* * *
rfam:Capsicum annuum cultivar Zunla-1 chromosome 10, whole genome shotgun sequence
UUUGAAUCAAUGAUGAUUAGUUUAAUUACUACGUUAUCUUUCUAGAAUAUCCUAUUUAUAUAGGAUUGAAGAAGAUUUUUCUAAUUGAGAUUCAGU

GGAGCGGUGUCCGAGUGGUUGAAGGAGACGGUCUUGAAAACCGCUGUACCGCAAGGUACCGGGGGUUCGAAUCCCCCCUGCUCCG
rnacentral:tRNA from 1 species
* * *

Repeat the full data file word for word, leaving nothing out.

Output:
rfam:Capsicum annuum cultivar Zunla-1 chromosome 10, whole genome shotgun sequence
UUUGAAUCAAUGAUGAUUAGUUUAAUUACUACGUUAUCUUUCUAGAAUAUCCUAUUUAUAUAGGAUUGAAGAAGAUUUUUCUAAUUGAGAUUCAGU

GGAGCGGUGUCCGAGUGGUUGAAGGAGACGGUCUUGAAAACCGCUGUACCGCAAGGUACCGGGGGUUCGAAUCCCCCCUGCUCCG
rnacentral:tRNA from 1 species